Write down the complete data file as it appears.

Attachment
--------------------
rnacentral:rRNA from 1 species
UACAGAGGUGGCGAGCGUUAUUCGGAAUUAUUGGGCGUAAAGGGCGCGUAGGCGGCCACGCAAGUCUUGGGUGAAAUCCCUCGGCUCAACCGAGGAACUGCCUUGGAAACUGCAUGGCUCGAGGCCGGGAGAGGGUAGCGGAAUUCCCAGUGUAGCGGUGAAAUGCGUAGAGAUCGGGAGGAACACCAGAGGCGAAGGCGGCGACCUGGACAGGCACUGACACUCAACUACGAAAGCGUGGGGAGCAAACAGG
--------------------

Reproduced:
rnacentral:rRNA from 1 species
UACAGAGGUGGCGAGCGUUAUUCGGAAUUAUUGGGCGUAAAGGGCGCGUAGGCGGCCACGCAAGUCUUGGGUGAAAUCCCUCGGCUCAACCGAGGAACUGCCUUGGAAACUGCAUGGCUCGAGGCCGGGAGAGGGUAGCGGAAUUCCCAGUGUAGCGGUGAAAUGCGUAGAGAUCGGGAGGAACACCAGAGGCGAAGGCGGCGACCUGGACAGGCACUGACACUCAACUACGAAAGCGUGGGGAGCAAACAGG